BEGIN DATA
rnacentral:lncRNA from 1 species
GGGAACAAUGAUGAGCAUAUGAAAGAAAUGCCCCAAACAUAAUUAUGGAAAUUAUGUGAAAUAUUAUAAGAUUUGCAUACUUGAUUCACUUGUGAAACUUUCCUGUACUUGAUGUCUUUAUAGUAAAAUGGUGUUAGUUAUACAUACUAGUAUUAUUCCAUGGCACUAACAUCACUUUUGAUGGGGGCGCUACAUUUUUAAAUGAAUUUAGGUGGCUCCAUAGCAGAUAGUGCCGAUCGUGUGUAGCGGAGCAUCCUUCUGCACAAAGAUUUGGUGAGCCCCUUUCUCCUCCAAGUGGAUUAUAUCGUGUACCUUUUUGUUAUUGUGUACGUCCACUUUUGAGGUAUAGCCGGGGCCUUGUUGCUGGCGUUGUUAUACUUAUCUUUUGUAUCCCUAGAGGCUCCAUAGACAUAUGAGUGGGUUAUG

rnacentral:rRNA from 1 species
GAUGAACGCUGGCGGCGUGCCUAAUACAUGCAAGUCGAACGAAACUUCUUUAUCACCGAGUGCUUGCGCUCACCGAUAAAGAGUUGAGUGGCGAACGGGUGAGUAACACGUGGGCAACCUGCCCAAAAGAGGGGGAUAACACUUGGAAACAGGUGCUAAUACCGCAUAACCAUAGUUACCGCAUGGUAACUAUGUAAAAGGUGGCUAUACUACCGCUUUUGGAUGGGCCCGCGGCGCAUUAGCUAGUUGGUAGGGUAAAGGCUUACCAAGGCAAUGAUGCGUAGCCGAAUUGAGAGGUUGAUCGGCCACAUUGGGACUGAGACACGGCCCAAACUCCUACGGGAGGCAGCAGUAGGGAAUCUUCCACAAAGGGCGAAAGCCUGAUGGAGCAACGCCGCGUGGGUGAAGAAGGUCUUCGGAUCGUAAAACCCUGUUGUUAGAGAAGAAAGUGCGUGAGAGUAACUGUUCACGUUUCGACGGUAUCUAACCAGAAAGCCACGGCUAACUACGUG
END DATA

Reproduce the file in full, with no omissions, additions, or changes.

rnacentral:lncRNA from 1 species
GGGAACAAUGAUGAGCAUAUGAAAGAAAUGCCCCAAACAUAAUUAUGGAAAUUAUGUGAAAUAUUAUAAGAUUUGCAUACUUGAUUCACUUGUGAAACUUUCCUGUACUUGAUGUCUUUAUAGUAAAAUGGUGUUAGUUAUACAUACUAGUAUUAUUCCAUGGCACUAACAUCACUUUUGAUGGGGGCGCUACAUUUUUAAAUGAAUUUAGGUGGCUCCAUAGCAGAUAGUGCCGAUCGUGUGUAGCGGAGCAUCCUUCUGCACAAAGAUUUGGUGAGCCCCUUUCUCCUCCAAGUGGAUUAUAUCGUGUACCUUUUUGUUAUUGUGUACGUCCACUUUUGAGGUAUAGCCGGGGCCUUGUUGCUGGCGUUGUUAUACUUAUCUUUUGUAUCCCUAGAGGCUCCAUAGACAUAUGAGUGGGUUAUG

rnacentral:rRNA from 1 species
GAUGAACGCUGGCGGCGUGCCUAAUACAUGCAAGUCGAACGAAACUUCUUUAUCACCGAGUGCUUGCGCUCACCGAUAAAGAGUUGAGUGGCGAACGGGUGAGUAACACGUGGGCAACCUGCCCAAAAGAGGGGGAUAACACUUGGAAACAGGUGCUAAUACCGCAUAACCAUAGUUACCGCAUGGUAACUAUGUAAAAGGUGGCUAUACUACCGCUUUUGGAUGGGCCCGCGGCGCAUUAGCUAGUUGGUAGGGUAAAGGCUUACCAAGGCAAUGAUGCGUAGCCGAAUUGAGAGGUUGAUCGGCCACAUUGGGACUGAGACACGGCCCAAACUCCUACGGGAGGCAGCAGUAGGGAAUCUUCCACAAAGGGCGAAAGCCUGAUGGAGCAACGCCGCGUGGGUGAAGAAGGUCUUCGGAUCGUAAAACCCUGUUGUUAGAGAAGAAAGUGCGUGAGAGUAACUGUUCACGUUUCGACGGUAUCUAACCAGAAAGCCACGGCUAACUACGUG